• 61°

Survivor recalls fear, anger on day of Pearl Harbor attack

By AUDREY McAVOY,  Associated Press

PEARL HARBOR, Hawaii (AP) — Surprise, fear, anger and pride overcame Jim Downing as Japanese planes bombed Pearl Harbor.

Then a newlywed sailor, he recalled a Japanese plane flying low and slow in his direction as he rushed to his battleship from his home after hearing explosions and learning of the attack on the radio.

“When he got the right angle, he banked over, turned his machine guns lose,” Downing, now 103, said in an interview at a Waikiki hotel, “But fortunately he didn’t bank far enough so it went right over my head.”

The next aviator might have better aim, Downing remembers thinking. And with nowhere to hide, “I was afraid,” he said.

Downing plans to return to Pearl Harbor Wednesday with a few dozen other survivors to mark the 75th anniversary of the attack that plunged the United States into World War II and left more than 2,300 service people dead.

Those who gather at the ceremony on a pier overlooking the harbor are expected to observe a moment of silence at 7:55 a.m. — the same moment Japanese planes began their assault.

Thousands of other servicemen and women and members of the public are expected to attend and watch via a livestream feed.

Downing said he comes back to Hawaii for the anniversary commemorations to be with his shipmates.

“We get together and have a great time and compare our stories,” said Downing, a resident of Colorado Springs, Colorado.

His ship, the USS West Virginia, was hit by nine torpedoes.

“We were sinking and everything above the water line was on fire,” he said.

Downing said he felt proud while watching sailors balance the capsizing ship by allowing water to seep in. The tactic let the giant battleship slide into mud below.

“They just instinctively did the right thing at the right time without any thought about their own lives or safety,” he said.

The West Virginia lost 106 men. Downing spent two hours fighting fires and checking the name tags of the dead so he could write their families personal notes about how they died.

“I thought that would give them more closure that just a cold note, ‘your son was killed in action,'” said Downing, who also served as the ship’s postmaster.

Ray Chavez was out on a minesweeper, the USS Condor, in the early hours before the attack. He remembers noticing with his shipmates that a mysterious submarine was lurking off the harbor.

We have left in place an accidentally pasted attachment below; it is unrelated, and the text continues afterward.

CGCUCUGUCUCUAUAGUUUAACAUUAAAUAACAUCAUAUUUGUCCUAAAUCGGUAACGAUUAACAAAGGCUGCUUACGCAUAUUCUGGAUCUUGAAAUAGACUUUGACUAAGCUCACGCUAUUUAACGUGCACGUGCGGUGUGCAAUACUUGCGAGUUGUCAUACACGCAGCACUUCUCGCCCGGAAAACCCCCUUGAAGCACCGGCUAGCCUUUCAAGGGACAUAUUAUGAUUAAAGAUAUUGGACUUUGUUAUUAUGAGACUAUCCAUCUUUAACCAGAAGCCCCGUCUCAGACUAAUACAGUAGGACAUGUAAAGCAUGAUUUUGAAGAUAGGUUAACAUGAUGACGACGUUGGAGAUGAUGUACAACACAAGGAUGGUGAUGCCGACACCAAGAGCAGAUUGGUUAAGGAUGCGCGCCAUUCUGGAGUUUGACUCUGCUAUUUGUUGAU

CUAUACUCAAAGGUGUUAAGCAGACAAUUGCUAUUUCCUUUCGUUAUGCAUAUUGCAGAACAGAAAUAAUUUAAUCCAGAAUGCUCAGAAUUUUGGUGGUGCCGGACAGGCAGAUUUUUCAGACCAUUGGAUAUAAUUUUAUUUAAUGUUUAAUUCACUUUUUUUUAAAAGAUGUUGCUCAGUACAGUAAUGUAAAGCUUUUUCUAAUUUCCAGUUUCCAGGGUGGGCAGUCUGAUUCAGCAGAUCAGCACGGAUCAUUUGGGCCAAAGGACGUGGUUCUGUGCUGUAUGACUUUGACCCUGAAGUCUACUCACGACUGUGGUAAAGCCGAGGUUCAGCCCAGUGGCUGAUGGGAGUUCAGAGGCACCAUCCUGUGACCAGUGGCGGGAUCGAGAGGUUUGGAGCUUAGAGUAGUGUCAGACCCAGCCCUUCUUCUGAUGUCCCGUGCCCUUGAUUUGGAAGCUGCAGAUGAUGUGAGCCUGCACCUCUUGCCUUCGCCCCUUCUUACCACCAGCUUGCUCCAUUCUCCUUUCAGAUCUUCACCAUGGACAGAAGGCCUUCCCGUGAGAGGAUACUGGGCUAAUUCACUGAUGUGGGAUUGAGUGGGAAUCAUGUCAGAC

“At 3:45 a.m. on Dec. 7, I look out and spotted a submarine that wasn’t supposed to be in that area,” the 104-year-old Chavez said.

The sailors reported the sighting and Chavez went home to sleep. He told his wife not to wake him because he hadn’t gotten any rest during the busy night.

“It seemed like I only slept about 10 minutes when she called me and said ‘we’re being attacked.’ And I said ‘who is going to attack us?’ She said ‘the Japanese are here and they’re attacking everything,'” Chavez said.

These days, many people treat Chavez and other Pearl Harbor survivors like celebrities, asking them for autographs and photos. But Chavez said it’s about the people who were lost.

“I’m honoring them, not myself,” he said.

Comments

Education

RSS superintendent talks district’s future, strategic plan survey

News

Complaints and fines pile up against unpermitted landfill in southwest Rowan County

College

Catawba baseball: Crowd comes out to say goodbye to Newman Park

Lifestyle

History is a great teacher: Farming has helped shape Rowan County

Business

‘A safe place for them’: Timeless Wigs and Marvelous Things celebrates fifth anniversary

China Grove

County will hear request for more tree houses, hobbit-style homes in China Grove

Coronavirus

Livingstone College partners with Health Department to administer 500 Pfizer vaccinations

Education

‘Elite and it shows’: Staff at Partners in Learning at Novant celebrate news of national accreditation

Business

Biz Roundup: Food Lion earns Energy Star award for 20th consecutive year

Columns

Ester Marsh: What body type are you?

Nation/World

The queen says goodbye to Philip, continues her reign alone

Nation/World

Worldwide COVID-19 death toll tops a staggering 3 million

Nation/World

US, China agree to cooperate on climate crisis with urgency

Nation/World

Sikh community calls for gun reforms after FedEx shooting

High School

North Rowan romps into second round of football playoffs

Nation/World

FBI had interviewed former FedEx employee who killed eight

Crime

Gastonia man sentenced for crash into restaurant that killed his daughter, daughter-in-law

Nation/World

Some call for charges after video of police shooting 13-year-old in Chicago

Business

State unemployment rate falls to 5.2% in March

Coronavirus

NASCAR approach to virus vaccine varies greatly

News

Judge rejects Cherokee challenge against new casino in Kings Mountain

Elections

Jackson tops NC Senate fundraising; Walker coffers also full

Local

Kiwanis Pancake Festival serves thousands of flapjacks for charity

Coronavirus

Rowan remains in state’s middle, yellow tier for COVID-19 community spread